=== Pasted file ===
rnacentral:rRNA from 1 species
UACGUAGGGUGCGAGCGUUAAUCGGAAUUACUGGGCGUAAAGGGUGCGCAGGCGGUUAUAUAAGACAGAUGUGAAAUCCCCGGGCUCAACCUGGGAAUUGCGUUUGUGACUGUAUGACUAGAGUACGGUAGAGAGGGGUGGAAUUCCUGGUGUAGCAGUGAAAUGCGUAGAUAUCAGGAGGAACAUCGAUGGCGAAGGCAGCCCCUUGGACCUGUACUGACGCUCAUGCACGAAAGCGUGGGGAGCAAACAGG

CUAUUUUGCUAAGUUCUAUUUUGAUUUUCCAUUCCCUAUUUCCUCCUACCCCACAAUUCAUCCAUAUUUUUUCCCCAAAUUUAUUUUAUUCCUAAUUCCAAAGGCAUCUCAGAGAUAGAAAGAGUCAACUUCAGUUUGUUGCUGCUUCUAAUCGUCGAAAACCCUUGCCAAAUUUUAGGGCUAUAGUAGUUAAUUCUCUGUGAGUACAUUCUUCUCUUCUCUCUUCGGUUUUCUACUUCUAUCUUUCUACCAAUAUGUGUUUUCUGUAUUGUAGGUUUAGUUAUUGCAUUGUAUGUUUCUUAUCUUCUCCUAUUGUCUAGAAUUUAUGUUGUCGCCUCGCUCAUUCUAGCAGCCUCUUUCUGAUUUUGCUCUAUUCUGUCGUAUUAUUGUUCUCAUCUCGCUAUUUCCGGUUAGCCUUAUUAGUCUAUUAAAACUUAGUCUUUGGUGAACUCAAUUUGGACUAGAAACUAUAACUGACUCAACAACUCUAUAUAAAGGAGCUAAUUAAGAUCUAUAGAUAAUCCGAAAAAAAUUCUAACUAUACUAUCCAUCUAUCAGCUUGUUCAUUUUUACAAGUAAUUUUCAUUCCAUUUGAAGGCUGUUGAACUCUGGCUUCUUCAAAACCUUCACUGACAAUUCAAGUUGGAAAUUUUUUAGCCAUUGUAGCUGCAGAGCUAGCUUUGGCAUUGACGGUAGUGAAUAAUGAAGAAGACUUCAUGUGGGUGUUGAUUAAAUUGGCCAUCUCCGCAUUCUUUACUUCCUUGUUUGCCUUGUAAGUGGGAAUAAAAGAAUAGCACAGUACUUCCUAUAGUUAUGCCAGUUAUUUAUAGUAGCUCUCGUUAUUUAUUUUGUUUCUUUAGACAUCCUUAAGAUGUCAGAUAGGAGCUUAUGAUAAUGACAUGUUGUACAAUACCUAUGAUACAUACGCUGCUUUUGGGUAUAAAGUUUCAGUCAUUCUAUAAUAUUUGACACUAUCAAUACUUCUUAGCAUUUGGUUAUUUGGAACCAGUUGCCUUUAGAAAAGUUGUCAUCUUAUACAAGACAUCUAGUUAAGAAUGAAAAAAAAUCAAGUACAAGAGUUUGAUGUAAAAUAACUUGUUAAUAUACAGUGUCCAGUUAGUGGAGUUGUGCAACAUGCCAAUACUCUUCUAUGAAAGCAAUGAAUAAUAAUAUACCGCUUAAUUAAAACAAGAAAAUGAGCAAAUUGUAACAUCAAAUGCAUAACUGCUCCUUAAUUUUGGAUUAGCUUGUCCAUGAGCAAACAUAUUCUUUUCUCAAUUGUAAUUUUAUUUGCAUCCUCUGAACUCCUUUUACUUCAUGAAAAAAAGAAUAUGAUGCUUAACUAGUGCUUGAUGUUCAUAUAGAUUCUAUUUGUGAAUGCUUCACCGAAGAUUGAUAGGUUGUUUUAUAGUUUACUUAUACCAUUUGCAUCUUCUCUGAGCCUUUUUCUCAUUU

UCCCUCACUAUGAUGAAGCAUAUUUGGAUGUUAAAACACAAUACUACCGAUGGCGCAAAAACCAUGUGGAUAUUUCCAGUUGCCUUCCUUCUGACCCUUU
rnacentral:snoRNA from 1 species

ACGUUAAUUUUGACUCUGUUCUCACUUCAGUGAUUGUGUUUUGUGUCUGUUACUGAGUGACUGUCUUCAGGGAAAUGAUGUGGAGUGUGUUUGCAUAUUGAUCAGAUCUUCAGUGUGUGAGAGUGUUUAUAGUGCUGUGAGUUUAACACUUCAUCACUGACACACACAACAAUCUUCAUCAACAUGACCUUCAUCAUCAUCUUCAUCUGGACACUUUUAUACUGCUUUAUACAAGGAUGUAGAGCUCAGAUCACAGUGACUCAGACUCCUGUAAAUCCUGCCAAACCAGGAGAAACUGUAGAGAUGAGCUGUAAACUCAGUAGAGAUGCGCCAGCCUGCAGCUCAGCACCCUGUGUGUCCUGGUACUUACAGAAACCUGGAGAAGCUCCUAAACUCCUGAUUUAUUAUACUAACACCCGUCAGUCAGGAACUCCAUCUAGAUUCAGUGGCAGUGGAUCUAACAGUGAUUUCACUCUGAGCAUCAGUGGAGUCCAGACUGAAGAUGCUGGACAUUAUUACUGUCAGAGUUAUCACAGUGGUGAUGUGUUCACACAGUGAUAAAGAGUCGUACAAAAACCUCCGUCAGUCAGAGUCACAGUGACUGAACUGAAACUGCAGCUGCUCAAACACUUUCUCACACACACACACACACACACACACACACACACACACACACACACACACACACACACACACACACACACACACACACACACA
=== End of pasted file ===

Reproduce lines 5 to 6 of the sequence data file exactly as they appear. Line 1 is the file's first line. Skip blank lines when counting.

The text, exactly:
rnacentral:snoRNA from 1 species

ACGUUAAUUUUGACUCUGUUCUCACUUCAGUGAUUGUGUUUUGUGUCUGUUACUGAGUGACUGUCUUCAGGGAAAUGAUGUGGAGUGUGUUUGCAUAUUGAUCAGAUCUUCAGUGUGUGAGAGUGUUUAUAGUGCUGUGAGUUUAACACUUCAUCACUGACACACACAACAAUCUUCAUCAACAUGACCUUCAUCAUCAUCUUCAUCUGGACACUUUUAUACUGCUUUAUACAAGGAUGUAGAGCUCAGAUCACAGUGACUCAGACUCCUGUAAAUCCUGCCAAACCAGGAGAAACUGUAGAGAUGAGCUGUAAACUCAGUAGAGAUGCGCCAGCCUGCAGCUCAGCACCCUGUGUGUCCUGGUACUUACAGAAACCUGGAGAAGCUCCUAAACUCCUGAUUUAUUAUACUAACACCCGUCAGUCAGGAACUCCAUCUAGAUUCAGUGGCAGUGGAUCUAACAGUGAUUUCACUCUGAGCAUCAGUGGAGUCCAGACUGAAGAUGCUGGACAUUAUUACUGUCAGAGUUAUCACAGUGGUGAUGUGUUCACACAGUGAUAAAGAGUCGUACAAAAACCUCCGUCAGUCAGAGUCACAGUGACUGAACUGAAACUGCAGCUGCUCAAACACUUUCUCACACACACACACACACACACACACACACACACACACACACACACACACACACACACACACACACACACACACACACACACA